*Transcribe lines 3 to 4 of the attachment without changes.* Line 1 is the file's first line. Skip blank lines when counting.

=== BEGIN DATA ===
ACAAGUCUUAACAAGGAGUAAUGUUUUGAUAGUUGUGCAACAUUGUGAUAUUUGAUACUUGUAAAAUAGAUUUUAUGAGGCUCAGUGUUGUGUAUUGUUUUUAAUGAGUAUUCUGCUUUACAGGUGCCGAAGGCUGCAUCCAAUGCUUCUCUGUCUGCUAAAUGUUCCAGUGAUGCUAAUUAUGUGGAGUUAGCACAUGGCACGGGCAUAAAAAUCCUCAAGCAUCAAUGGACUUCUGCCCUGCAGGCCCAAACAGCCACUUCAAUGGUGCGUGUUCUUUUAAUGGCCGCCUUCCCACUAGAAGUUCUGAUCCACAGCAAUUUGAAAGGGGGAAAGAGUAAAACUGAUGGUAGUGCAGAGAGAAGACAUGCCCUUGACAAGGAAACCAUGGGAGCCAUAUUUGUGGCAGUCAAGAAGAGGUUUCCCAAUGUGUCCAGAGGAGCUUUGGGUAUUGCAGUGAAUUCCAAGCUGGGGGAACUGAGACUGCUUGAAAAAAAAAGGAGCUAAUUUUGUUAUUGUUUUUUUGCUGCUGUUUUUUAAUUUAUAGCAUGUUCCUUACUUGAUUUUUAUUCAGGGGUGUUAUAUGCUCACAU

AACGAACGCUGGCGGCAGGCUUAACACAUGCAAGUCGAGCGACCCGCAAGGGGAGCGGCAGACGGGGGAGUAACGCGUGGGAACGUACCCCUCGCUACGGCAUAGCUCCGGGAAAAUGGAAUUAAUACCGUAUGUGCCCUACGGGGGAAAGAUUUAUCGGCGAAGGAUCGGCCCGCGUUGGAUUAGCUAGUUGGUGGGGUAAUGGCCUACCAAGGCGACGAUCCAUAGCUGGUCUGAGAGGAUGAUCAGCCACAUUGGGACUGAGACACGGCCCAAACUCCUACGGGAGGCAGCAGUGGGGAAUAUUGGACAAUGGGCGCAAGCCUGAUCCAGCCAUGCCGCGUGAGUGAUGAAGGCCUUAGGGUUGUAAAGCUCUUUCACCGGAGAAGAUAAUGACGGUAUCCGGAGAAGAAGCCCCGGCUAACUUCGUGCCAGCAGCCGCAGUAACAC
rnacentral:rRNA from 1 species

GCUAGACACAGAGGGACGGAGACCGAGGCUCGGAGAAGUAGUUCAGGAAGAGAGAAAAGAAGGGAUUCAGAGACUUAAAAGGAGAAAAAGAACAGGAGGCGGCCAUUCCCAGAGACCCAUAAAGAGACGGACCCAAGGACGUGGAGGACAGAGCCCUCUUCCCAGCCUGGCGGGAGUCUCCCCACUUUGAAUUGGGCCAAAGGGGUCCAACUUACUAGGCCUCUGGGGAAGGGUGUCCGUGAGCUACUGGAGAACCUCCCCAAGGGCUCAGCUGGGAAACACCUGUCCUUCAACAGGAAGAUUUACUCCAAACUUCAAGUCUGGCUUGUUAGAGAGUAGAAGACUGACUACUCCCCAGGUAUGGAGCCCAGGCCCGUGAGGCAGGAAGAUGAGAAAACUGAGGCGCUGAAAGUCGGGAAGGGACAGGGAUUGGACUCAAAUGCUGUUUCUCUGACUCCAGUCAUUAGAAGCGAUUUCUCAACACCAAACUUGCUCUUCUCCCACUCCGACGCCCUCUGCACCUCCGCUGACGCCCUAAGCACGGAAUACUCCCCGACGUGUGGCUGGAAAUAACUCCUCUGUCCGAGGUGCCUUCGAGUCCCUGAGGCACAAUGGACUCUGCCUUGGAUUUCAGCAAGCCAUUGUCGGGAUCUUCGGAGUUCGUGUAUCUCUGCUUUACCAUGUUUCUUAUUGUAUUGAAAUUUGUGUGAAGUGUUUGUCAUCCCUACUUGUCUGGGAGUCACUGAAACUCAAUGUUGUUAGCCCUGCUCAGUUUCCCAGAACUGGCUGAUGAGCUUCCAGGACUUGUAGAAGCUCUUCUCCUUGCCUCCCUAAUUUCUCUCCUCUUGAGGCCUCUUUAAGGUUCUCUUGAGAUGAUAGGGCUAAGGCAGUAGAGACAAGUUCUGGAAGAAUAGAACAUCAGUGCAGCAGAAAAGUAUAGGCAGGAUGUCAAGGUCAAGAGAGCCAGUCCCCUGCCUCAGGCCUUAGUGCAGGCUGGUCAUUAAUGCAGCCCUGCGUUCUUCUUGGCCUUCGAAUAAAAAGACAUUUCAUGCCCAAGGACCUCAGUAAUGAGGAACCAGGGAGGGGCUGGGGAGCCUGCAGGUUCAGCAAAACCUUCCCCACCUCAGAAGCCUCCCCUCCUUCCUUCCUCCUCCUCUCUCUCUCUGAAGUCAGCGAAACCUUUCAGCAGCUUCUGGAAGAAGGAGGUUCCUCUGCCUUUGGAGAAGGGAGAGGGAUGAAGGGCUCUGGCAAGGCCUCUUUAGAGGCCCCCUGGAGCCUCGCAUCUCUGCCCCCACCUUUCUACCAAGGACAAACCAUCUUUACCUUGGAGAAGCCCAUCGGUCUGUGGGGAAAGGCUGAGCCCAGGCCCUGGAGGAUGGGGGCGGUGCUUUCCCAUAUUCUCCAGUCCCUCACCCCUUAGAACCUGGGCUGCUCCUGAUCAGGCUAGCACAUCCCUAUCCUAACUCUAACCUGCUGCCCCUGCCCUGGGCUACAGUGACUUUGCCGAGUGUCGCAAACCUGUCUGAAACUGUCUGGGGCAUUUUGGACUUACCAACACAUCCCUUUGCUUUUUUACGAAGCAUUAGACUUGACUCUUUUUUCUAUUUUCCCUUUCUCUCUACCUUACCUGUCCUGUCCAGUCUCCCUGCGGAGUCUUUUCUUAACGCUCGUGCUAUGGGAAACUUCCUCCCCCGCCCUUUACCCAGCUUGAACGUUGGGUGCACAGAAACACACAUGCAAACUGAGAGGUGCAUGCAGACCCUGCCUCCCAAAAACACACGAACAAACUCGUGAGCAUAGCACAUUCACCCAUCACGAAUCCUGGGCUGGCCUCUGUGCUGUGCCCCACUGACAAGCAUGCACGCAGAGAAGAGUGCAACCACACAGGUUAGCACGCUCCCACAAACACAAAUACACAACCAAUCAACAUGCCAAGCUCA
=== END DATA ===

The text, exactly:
rnacentral:rRNA from 1 species

GCUAGACACAGAGGGACGGAGACCGAGGCUCGGAGAAGUAGUUCAGGAAGAGAGAAAAGAAGGGAUUCAGAGACUUAAAAGGAGAAAAAGAACAGGAGGCGGCCAUUCCCAGAGACCCAUAAAGAGACGGACCCAAGGACGUGGAGGACAGAGCCCUCUUCCCAGCCUGGCGGGAGUCUCCCCACUUUGAAUUGGGCCAAAGGGGUCCAACUUACUAGGCCUCUGGGGAAGGGUGUCCGUGAGCUACUGGAGAACCUCCCCAAGGGCUCAGCUGGGAAACACCUGUCCUUCAACAGGAAGAUUUACUCCAAACUUCAAGUCUGGCUUGUUAGAGAGUAGAAGACUGACUACUCCCCAGGUAUGGAGCCCAGGCCCGUGAGGCAGGAAGAUGAGAAAACUGAGGCGCUGAAAGUCGGGAAGGGACAGGGAUUGGACUCAAAUGCUGUUUCUCUGACUCCAGUCAUUAGAAGCGAUUUCUCAACACCAAACUUGCUCUUCUCCCACUCCGACGCCCUCUGCACCUCCGCUGACGCCCUAAGCACGGAAUACUCCCCGACGUGUGGCUGGAAAUAACUCCUCUGUCCGAGGUGCCUUCGAGUCCCUGAGGCACAAUGGACUCUGCCUUGGAUUUCAGCAAGCCAUUGUCGGGAUCUUCGGAGUUCGUGUAUCUCUGCUUUACCAUGUUUCUUAUUGUAUUGAAAUUUGUGUGAAGUGUUUGUCAUCCCUACUUGUCUGGGAGUCACUGAAACUCAAUGUUGUUAGCCCUGCUCAGUUUCCCAGAACUGGCUGAUGAGCUUCCAGGACUUGUAGAAGCUCUUCUCCUUGCCUCCCUAAUUUCUCUCCUCUUGAGGCCUCUUUAAGGUUCUCUUGAGAUGAUAGGGCUAAGGCAGUAGAGACAAGUUCUGGAAGAAUAGAACAUCAGUGCAGCAGAAAAGUAUAGGCAGGAUGUCAAGGUCAAGAGAGCCAGUCCCCUGCCUCAGGCCUUAGUGCAGGCUGGUCAUUAAUGCAGCCCUGCGUUCUUCUUGGCCUUCGAAUAAAAAGACAUUUCAUGCCCAAGGACCUCAGUAAUGAGGAACCAGGGAGGGGCUGGGGAGCCUGCAGGUUCAGCAAAACCUUCCCCACCUCAGAAGCCUCCCCUCCUUCCUUCCUCCUCCUCUCUCUCUCUGAAGUCAGCGAAACCUUUCAGCAGCUUCUGGAAGAAGGAGGUUCCUCUGCCUUUGGAGAAGGGAGAGGGAUGAAGGGCUCUGGCAAGGCCUCUUUAGAGGCCCCCUGGAGCCUCGCAUCUCUGCCCCCACCUUUCUACCAAGGACAAACCAUCUUUACCUUGGAGAAGCCCAUCGGUCUGUGGGGAAAGGCUGAGCCCAGGCCCUGGAGGAUGGGGGCGGUGCUUUCCCAUAUUCUCCAGUCCCUCACCCCUUAGAACCUGGGCUGCUCCUGAUCAGGCUAGCACAUCCCUAUCCUAACUCUAACCUGCUGCCCCUGCCCUGGGCUACAGUGACUUUGCCGAGUGUCGCAAACCUGUCUGAAACUGUCUGGGGCAUUUUGGACUUACCAACACAUCCCUUUGCUUUUUUACGAAGCAUUAGACUUGACUCUUUUUUCUAUUUUCCCUUUCUCUCUACCUUACCUGUCCUGUCCAGUCUCCCUGCGGAGUCUUUUCUUAACGCUCGUGCUAUGGGAAACUUCCUCCCCCGCCCUUUACCCAGCUUGAACGUUGGGUGCACAGAAACACACAUGCAAACUGAGAGGUGCAUGCAGACCCUGCCUCCCAAAAACACACGAACAAACUCGUGAGCAUAGCACAUUCACCCAUCACGAAUCCUGGGCUGGCCUCUGUGCUGUGCCCCACUGACAAGCAUGCACGCAGAGAAGAGUGCAACCACACAGGUUAGCACGCUCCCACAAACACAAAUACACAACCAAUCAACAUGCCAAGCUCA